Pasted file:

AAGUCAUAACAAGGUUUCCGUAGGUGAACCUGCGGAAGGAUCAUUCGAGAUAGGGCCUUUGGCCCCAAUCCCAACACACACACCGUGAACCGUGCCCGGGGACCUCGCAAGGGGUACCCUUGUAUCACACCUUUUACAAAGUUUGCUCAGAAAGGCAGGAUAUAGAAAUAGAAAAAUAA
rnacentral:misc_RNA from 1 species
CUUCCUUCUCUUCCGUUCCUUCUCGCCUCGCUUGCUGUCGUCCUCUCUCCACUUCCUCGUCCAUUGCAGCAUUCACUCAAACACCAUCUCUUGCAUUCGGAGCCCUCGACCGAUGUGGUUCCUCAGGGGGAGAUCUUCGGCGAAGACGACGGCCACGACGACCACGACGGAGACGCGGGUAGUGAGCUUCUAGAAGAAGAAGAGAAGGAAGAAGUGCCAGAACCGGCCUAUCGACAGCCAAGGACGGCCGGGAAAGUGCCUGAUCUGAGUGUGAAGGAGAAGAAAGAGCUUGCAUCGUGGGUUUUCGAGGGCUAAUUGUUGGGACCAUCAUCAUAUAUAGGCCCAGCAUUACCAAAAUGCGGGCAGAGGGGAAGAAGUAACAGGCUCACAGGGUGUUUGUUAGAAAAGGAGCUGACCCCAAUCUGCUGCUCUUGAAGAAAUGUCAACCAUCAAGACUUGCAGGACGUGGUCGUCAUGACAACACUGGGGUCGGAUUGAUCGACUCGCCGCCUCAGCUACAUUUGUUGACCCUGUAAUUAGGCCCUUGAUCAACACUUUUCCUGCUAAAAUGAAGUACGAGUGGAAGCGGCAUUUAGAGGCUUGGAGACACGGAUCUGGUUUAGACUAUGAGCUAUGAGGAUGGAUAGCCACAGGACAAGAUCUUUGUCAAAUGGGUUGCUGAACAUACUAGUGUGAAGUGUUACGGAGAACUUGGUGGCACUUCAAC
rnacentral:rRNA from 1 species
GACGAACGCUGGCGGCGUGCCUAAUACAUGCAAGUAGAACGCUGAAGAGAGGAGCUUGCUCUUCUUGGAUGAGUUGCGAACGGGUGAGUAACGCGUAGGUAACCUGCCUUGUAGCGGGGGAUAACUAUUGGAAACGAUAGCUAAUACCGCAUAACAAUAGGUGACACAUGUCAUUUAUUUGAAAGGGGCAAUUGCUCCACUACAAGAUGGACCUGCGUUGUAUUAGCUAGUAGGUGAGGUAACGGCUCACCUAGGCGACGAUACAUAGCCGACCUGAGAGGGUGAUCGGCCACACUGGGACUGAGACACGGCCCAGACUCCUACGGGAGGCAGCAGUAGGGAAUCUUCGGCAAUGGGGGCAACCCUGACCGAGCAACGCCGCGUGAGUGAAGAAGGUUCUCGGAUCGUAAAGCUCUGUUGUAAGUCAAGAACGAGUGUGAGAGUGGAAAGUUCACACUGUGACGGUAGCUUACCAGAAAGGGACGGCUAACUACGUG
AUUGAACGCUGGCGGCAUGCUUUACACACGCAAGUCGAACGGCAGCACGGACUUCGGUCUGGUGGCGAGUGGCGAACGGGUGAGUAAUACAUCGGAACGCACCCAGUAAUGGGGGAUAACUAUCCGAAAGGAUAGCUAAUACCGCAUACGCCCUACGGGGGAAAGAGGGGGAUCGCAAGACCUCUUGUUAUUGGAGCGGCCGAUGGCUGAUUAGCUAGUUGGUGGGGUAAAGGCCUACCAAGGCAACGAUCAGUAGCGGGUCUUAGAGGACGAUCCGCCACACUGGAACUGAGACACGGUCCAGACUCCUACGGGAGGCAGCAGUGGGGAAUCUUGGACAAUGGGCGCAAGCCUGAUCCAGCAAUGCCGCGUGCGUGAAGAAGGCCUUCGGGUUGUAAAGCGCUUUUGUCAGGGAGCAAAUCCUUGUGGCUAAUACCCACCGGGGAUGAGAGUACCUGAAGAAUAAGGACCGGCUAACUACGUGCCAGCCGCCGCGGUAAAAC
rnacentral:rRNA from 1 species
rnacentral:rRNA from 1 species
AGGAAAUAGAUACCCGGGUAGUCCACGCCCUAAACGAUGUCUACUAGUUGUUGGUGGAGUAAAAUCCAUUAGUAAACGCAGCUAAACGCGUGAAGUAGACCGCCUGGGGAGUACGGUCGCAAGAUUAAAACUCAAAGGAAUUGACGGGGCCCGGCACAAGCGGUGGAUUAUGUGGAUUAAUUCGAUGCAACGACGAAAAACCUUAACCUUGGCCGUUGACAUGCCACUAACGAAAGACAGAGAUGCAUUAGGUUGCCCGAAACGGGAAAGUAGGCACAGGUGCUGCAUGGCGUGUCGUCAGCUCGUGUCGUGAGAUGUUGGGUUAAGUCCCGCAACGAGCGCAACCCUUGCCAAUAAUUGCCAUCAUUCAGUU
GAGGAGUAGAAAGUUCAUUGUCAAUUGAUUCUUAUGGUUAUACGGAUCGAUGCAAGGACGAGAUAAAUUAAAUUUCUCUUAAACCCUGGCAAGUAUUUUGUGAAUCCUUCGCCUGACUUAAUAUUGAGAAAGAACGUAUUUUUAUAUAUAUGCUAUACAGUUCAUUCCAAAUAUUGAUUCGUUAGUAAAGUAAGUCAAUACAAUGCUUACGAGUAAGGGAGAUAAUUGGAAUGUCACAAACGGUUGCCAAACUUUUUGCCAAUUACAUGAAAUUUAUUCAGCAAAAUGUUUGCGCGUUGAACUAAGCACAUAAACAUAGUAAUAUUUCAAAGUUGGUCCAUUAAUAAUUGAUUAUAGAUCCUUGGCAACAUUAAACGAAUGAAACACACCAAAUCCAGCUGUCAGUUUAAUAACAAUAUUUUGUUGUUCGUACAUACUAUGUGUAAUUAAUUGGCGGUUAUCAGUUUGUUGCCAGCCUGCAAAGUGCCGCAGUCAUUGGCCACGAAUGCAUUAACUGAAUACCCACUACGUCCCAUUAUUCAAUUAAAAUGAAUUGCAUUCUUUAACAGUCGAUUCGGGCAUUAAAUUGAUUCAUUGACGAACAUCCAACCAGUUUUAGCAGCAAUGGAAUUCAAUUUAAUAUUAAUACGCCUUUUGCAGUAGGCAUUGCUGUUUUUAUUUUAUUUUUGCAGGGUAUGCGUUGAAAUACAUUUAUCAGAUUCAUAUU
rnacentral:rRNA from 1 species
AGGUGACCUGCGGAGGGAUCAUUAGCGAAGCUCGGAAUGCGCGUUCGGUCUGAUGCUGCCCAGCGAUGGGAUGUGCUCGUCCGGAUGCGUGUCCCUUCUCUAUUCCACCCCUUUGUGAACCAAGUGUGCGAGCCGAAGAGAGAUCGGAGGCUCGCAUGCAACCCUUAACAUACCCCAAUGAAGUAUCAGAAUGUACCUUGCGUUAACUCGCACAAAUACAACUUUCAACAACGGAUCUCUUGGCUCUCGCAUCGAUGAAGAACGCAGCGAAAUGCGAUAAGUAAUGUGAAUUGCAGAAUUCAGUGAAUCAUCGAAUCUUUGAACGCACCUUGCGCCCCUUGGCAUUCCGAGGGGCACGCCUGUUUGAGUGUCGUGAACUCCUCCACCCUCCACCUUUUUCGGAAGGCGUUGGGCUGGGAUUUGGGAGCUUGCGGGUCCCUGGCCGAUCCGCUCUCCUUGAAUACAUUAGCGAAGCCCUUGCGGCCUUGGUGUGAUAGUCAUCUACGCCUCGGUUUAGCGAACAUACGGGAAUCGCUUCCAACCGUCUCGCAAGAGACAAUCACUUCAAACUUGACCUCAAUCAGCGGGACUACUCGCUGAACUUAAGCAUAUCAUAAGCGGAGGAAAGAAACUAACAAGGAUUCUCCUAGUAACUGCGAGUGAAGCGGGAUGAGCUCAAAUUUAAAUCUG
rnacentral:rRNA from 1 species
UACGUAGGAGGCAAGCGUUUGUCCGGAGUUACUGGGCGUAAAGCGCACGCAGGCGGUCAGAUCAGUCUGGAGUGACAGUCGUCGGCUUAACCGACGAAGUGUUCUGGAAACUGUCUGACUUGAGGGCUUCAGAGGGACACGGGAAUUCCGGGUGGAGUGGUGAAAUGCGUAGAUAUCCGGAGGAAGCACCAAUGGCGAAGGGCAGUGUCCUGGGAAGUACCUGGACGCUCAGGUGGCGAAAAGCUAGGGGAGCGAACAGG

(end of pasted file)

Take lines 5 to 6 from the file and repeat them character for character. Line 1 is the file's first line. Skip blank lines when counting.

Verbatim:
GACGAACGCUGGCGGCGUGCCUAAUACAUGCAAGUAGAACGCUGAAGAGAGGAGCUUGCUCUUCUUGGAUGAGUUGCGAACGGGUGAGUAACGCGUAGGUAACCUGCCUUGUAGCGGGGGAUAACUAUUGGAAACGAUAGCUAAUACCGCAUAACAAUAGGUGACACAUGUCAUUUAUUUGAAAGGGGCAAUUGCUCCACUACAAGAUGGACCUGCGUUGUAUUAGCUAGUAGGUGAGGUAACGGCUCACCUAGGCGACGAUACAUAGCCGACCUGAGAGGGUGAUCGGCCACACUGGGACUGAGACACGGCCCAGACUCCUACGGGAGGCAGCAGUAGGGAAUCUUCGGCAAUGGGGGCAACCCUGACCGAGCAACGCCGCGUGAGUGAAGAAGGUUCUCGGAUCGUAAAGCUCUGUUGUAAGUCAAGAACGAGUGUGAGAGUGGAAAGUUCACACUGUGACGGUAGCUUACCAGAAAGGGACGGCUAACUACGUG
AUUGAACGCUGGCGGCAUGCUUUACACACGCAAGUCGAACGGCAGCACGGACUUCGGUCUGGUGGCGAGUGGCGAACGGGUGAGUAAUACAUCGGAACGCACCCAGUAAUGGGGGAUAACUAUCCGAAAGGAUAGCUAAUACCGCAUACGCCCUACGGGGGAAAGAGGGGGAUCGCAAGACCUCUUGUUAUUGGAGCGGCCGAUGGCUGAUUAGCUAGUUGGUGGGGUAAAGGCCUACCAAGGCAACGAUCAGUAGCGGGUCUUAGAGGACGAUCCGCCACACUGGAACUGAGACACGGUCCAGACUCCUACGGGAGGCAGCAGUGGGGAAUCUUGGACAAUGGGCGCAAGCCUGAUCCAGCAAUGCCGCGUGCGUGAAGAAGGCCUUCGGGUUGUAAAGCGCUUUUGUCAGGGAGCAAAUCCUUGUGGCUAAUACCCACCGGGGAUGAGAGUACCUGAAGAAUAAGGACCGGCUAACUACGUGCCAGCCGCCGCGGUAAAAC